Saturday, July 23, 2016

The Rise and Fall of the 40 ft. Inflatable Hamm's Bear--a photo essay

On July 9, 2016 in Cloquet, MN, a town just outside of Duluth, the historic Northeastern Hotel and Saloon hosted a brewery collectibles show called the Nordlager Show, named after an old local brew. Hotel and Saloon owner Bert Whittington took out of storage a massive inflatable Hamm's Bear, manufactured around 1980 for the Olympia Brewing Company, the makers of Hamm's beer at the time. Connected to two electric-powered air compressors, the huge vinyl blob lying on the ground came to life, and the familiar cartoon character Hamm's Bear stood tall and proud, greeting passersby for a triumphant but brief moment...until he started to lose air.

1. He came to life from a big blob of vinyl on the ground. Owner Bert Whittington helps him up as he fills with air.
2. "Hello, Folks!" The Bear stands triumphantly, greeting passersby with an awkward left arm.
3. Pete and Bert celebrate with a cool, refreshing Hamm's beer.
Note how much smaller the real can (in Bert's hand) is.
4. People came from all over to look at the thing.
5. Standing tall and proud, 40 feet high.
6. Uh-oh! He's sprung a leak!
7. Looking like he's about to hurl after consuming the contents of the giant beer can.
8. Another view of the sick, deflating bear, the beer can looking dented and forelorn.
9. Oh well. Better luck next year.

Saturday, July 16, 2016

Terror Alert:1970

The summer of 1970 was a pretty intense time in my home turf of Minneapolis-St. Paul, Minnesota, the Twin Cities. After a spring filled with anti-Vietnam War protests and student strikes that were for the most part fairly low-key compared to other places, the late summer and early fall brought on a whole slew of bomb threats on pretty much a daily basis and lasting for months, that had people perplexed, uptight and at the same time bemused. This is the topic of my new e-book, "Terror Alert:1970, the Strange Summer of Bomb Threats in Minnesota," available for $2.99 on
Official e-book cover.

On August 17, 1970, a dynamite blast in the overnight hours at a downtown Minneapolis federal building, where a Selective Service office among other things was located, caused an estimated $500,000 worth of damage, hurled chunks of granite weighing up to 300 pounds into the street and injured a nighttime security guard, the building's only occupant. Five days later, a two-pound stick of dynamite exploded in a wastebasket in the women's rest room at the St. Paul Dayton's department store, seriously injuring one woman. A second, much larger bomb with a timing device was found in a nearby location in the store, and was, thankfully, defused.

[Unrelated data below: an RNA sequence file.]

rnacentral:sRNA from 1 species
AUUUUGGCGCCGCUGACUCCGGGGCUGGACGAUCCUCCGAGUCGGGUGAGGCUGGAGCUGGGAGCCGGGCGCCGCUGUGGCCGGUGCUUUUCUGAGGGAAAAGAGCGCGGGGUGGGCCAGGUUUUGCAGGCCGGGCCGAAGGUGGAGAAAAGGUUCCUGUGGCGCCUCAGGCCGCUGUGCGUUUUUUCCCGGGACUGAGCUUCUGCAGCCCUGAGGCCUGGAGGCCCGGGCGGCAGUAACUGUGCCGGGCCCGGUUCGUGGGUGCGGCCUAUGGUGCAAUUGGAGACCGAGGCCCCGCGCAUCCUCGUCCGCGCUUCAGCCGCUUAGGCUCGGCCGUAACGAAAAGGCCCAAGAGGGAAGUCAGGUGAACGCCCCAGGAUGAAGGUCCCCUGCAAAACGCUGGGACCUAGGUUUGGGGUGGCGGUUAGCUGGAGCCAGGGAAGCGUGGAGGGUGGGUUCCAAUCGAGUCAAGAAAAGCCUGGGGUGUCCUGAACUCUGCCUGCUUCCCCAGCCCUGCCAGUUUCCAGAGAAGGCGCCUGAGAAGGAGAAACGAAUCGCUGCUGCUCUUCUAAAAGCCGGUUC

Then over the next several weeks, residents, area businesses and the police were kept on their toes with phoned-in bomb threats on a daily basis, forcing many evacuations. In some instances, bombs were found, but more often, the threats turned out to be false alarms. One such threat forced the evacuation of a Minnesota Twins baseball game at Metropolitan Stadium on August 25, 1970. About 3,000 of the nearly 17,700 fans actually went out on to the field, against the wishes of law enforcement and team officials, and mingled with the players. Beer and hot dog vendors followed them out there and did brisk business. No bomb was found and the game resumed after a 45 minute delay. It was obviously an entirely different world then.

A couple days later, a woman was quoted in the Minneapolis Star newspaper, "Imagine. Come to Minneapolis and live dangerously. Who would have thought it?"

The bomb scares continued in the Twin Cities. Area hotels, TV stations, and all kinds of businesses had to deal with bomb threats. Actual bombs were found, and quickly removed, from two Minneapolis restaurants. And a young man was literally blown to bits while carrying plastic explosives during a late night thunderstorm and was apparently struck by lightning, damaging a home and a car, but killing only himself in the process. The big mystery was, why was this happening? There was a lot of speculation, but no clear answers.

My e-book "Terror Alert:1970" documents the incidents and events based on newspaper accounts from the time without speculating myself or throwing in any contemporary political commentary. Take a look. A 20% free sample is available at, and it can be downloaded to any device, including your desktop computer.

Published through Studio Z-7 Publishing.